Relevant only to DIN 2093 specification

The fatigue life diagrams attempt to provide the disc spring user with a means of assessing disc spring fatigue life using the data published on this website. This data is based on actual tests and extrapolated test results of this type of carbon steel disc spring.

For disc springs of a specialised nature, and those manufactured in any of the wide range of alternative corrosion and heat resisting alloys, we recommend that you seek expert assistance from ourselves.

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Group 1

Thickness (t) up to 1.25mm

graph showing DIN 2093 - Group 1: Thickness (t) up to 1.25mm

Group 2

Thickness (t) – 1.25mm up to and including 6mm

graph showing DIN 2093 - Group 2: Thickness (t) - 1.25mm up to and including 6mm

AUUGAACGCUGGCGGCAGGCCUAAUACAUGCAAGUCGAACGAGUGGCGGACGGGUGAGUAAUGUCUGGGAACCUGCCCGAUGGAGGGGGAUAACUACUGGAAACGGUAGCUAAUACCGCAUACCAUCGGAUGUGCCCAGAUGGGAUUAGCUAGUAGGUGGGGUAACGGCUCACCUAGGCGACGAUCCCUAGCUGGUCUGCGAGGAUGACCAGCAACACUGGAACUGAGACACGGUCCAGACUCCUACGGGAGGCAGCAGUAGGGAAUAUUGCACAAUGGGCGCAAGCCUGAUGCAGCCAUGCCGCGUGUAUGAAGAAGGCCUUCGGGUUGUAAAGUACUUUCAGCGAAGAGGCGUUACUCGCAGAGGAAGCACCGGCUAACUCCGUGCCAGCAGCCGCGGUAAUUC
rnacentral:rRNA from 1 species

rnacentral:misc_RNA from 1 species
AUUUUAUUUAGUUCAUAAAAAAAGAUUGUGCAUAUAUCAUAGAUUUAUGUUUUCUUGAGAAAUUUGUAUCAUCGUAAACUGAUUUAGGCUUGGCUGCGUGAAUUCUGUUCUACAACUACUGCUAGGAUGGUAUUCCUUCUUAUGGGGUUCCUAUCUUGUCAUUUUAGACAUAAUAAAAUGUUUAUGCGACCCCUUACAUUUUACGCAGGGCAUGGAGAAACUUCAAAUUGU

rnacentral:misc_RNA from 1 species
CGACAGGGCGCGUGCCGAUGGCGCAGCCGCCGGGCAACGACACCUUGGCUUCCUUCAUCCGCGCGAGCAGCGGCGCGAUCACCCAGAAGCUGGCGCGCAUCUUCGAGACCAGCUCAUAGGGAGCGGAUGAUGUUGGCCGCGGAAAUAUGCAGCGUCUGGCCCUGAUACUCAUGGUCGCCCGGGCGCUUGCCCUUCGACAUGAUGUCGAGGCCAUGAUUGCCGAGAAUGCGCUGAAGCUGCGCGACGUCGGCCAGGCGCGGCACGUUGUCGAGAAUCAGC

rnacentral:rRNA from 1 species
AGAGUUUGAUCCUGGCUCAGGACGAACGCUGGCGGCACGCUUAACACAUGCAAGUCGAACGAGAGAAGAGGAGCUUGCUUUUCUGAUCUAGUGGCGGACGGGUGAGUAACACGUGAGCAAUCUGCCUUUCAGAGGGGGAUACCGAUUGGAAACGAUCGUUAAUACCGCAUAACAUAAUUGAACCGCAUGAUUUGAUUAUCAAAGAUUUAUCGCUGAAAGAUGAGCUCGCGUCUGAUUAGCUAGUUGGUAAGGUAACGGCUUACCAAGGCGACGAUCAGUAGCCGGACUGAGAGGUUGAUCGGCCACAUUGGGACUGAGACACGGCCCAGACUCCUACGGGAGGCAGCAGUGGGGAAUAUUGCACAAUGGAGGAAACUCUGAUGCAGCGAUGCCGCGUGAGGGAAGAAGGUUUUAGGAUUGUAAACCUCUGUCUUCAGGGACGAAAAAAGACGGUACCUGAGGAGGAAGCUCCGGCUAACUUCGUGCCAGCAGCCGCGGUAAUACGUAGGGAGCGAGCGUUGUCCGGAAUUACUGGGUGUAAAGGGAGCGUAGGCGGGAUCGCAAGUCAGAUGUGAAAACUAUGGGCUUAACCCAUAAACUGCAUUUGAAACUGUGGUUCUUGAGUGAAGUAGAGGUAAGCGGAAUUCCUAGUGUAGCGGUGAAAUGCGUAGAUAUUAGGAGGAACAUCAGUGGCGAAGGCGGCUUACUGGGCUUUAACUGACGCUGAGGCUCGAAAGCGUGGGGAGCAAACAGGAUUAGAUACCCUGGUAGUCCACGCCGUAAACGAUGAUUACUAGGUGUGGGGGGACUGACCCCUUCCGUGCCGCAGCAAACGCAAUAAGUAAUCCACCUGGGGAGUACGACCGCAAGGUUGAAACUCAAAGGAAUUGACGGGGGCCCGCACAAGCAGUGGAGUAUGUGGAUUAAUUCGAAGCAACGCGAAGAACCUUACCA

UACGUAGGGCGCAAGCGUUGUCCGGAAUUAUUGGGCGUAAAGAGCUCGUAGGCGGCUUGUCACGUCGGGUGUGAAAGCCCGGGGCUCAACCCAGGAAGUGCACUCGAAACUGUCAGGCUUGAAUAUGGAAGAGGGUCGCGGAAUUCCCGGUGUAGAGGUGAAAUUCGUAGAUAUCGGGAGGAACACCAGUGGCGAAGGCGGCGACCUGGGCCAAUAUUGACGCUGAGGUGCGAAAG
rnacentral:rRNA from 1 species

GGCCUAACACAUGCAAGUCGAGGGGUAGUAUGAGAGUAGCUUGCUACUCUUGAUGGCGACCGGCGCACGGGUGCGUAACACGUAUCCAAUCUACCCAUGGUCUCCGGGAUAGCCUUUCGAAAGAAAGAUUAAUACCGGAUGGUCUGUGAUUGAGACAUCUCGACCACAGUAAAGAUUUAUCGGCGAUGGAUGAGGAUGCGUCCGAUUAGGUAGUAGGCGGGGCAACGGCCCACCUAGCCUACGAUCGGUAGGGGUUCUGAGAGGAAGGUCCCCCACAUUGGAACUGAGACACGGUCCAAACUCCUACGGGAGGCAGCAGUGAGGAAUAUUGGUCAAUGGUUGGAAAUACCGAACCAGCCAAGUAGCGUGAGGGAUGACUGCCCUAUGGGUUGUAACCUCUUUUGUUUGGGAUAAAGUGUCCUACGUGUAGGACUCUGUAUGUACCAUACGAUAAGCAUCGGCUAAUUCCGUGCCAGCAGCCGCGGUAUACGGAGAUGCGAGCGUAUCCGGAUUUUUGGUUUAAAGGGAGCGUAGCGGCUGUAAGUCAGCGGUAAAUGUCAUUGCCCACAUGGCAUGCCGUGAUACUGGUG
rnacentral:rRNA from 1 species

Group 3

Thickness (t) – Above 6mm thick

graph showing DIN 2093 - Group 3: Thickness (t) - Above 6mm thick

Example of Use of Fatigue Life Diagram

Disc Spring 15 x 5.2 x 0.4 (lo = 0.95) to DIN 2093 Specification – Cycling from 50% to 75% deflection.

  1. At 75% deflection, select the greater of tensile stress points δ II or δ III = 1002N/mm2 ( δ III).
  2. Select the tensile stress value for 50% deflection at same stress point (δ III) by extrapolation of value for 45% Deflection = 735N/mm2.
  3. Select 735N/mm 2 on pre-stress axis and read vertically to the point of intersection with 1002N/mm2 plotted horizontally from the upper-stress axis.
  4. Estimated fatigue use is in excess of two million cycles

Rules of Thumb

  1. The pre-load should be a minimum of 15% of available deflection
  2. The maximum deflection must not exceed 75% of the available deflection
  3. To improve the fatigue life, we can reduce the upper stress or increase the preload or both